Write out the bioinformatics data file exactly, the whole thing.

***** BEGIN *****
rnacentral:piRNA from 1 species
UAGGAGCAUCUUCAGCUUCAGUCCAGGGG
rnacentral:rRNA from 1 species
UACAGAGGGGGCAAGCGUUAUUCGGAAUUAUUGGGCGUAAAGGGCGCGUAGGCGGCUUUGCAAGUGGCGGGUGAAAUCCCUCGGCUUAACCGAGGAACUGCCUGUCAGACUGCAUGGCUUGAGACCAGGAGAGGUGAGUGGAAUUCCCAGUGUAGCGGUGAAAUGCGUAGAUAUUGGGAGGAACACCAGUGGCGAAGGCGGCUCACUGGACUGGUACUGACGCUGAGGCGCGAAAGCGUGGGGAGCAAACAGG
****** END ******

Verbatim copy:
rnacentral:piRNA from 1 species
UAGGAGCAUCUUCAGCUUCAGUCCAGGGG
rnacentral:rRNA from 1 species
UACAGAGGGGGCAAGCGUUAUUCGGAAUUAUUGGGCGUAAAGGGCGCGUAGGCGGCUUUGCAAGUGGCGGGUGAAAUCCCUCGGCUUAACCGAGGAACUGCCUGUCAGACUGCAUGGCUUGAGACCAGGAGAGGUGAGUGGAAUUCCCAGUGUAGCGGUGAAAUGCGUAGAUAUUGGGAGGAACACCAGUGGCGAAGGCGGCUCACUGGACUGGUACUGACGCUGAGGCGCGAAAGCGUGGGGAGCAAACAGG